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Physis And Being
An Introduction To The Philosophy Of Pathei-Mathos

 
The philosophy of pathei-mathos is based on four axioms: (i) that it is empathy and pathei-mathos which can wordlessly reveal the ontological reality both of our own physis [1] and of how we, as sentient beings, relate to other living beings and to Being itself; (ii) that it is denotatum [2] – and thus the abstractions deriving therefrom [3] – which, in respect of human beings, can and often do obscure our physis and our relation to other living beings and to Being; (iii) that denotatum and abstractions imply a dialectic of contradictory opposites and thus for we human beings a separation-of-otherness; and (iv) that this dialectic of opposites is, has been, and can be a cause of suffering for both ourselves, as sentient beings, and – as a causal human presenced effect – for the other life with which we share the planet named in English as Earth.

For, as mentioned in a previous essay,

“empathy and pathei-mathos incline us to suggest that ipseity is an illusion of perspective: that there is, fundamentally, no division between ‘us’ – as some individual sentient, mortal being – and what has hitherto been understood and named as the Unity, The One, God, The Eternal. That ‘we’ are not ‘observers’ but rather Being existing as Being exists and is presenced in the Cosmos. That thus all our striving, individually and collectively when based on some ideal or on some form – some abstraction and what is derived therefrom, such as ideology and dogma – always is or becomes sad/tragic, and which recurrence of sadness/tragedy, generation following generation, is perhaps even inevitable unless and until we live according to the wordless knowing that empathy and pathei-mathos reveal.” [4]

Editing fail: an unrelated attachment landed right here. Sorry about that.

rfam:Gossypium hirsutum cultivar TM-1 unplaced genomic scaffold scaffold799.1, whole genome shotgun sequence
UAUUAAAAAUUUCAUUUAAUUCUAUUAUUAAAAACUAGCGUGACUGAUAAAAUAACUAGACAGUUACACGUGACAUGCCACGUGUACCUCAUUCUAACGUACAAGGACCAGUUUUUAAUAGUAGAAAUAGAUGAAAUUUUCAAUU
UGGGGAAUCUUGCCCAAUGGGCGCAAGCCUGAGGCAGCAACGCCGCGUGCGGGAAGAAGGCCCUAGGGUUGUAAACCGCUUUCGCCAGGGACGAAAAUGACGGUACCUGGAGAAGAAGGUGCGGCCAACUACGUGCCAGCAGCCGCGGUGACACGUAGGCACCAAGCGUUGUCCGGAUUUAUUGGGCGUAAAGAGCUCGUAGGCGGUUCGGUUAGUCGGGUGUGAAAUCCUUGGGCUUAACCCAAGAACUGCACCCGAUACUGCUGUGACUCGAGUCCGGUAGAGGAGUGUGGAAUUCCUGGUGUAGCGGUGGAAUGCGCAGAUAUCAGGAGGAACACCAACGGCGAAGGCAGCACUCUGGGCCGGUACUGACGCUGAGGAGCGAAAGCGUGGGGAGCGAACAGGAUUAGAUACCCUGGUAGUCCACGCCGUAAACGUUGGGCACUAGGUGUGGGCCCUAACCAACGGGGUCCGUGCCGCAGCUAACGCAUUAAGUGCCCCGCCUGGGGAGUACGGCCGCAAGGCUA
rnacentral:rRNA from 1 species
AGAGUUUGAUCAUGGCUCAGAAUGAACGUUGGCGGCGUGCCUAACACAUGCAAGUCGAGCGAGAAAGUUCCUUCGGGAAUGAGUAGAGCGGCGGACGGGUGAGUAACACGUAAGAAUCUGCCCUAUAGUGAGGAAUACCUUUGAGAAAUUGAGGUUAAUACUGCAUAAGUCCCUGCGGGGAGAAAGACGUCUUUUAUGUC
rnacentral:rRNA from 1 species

In essence, empathy and pathei-mathos lead us away from the abstractions we have constructed and manufactured and which abstractions we often tend to impose, or project, upon other human beings, upon ourselves, often in the belief that such abstractions can aid our understanding of others and of ourselves, with a feature of all abstractions being inclusion and exclusion; that is, certain individuals are considered as belonging to or as defined by a particular category while others are not.

Over millennia we have manufactured certain abstractions and their assumed opposites and classified many of them according to particular moral standards so that a particular abstraction is considered good and/or beneficial and/or as necessary and/or as healthy, while its assumed dialectical opposite is considered bad (or evil), or unnecessary, or unhealthy, and/or as unwarranted.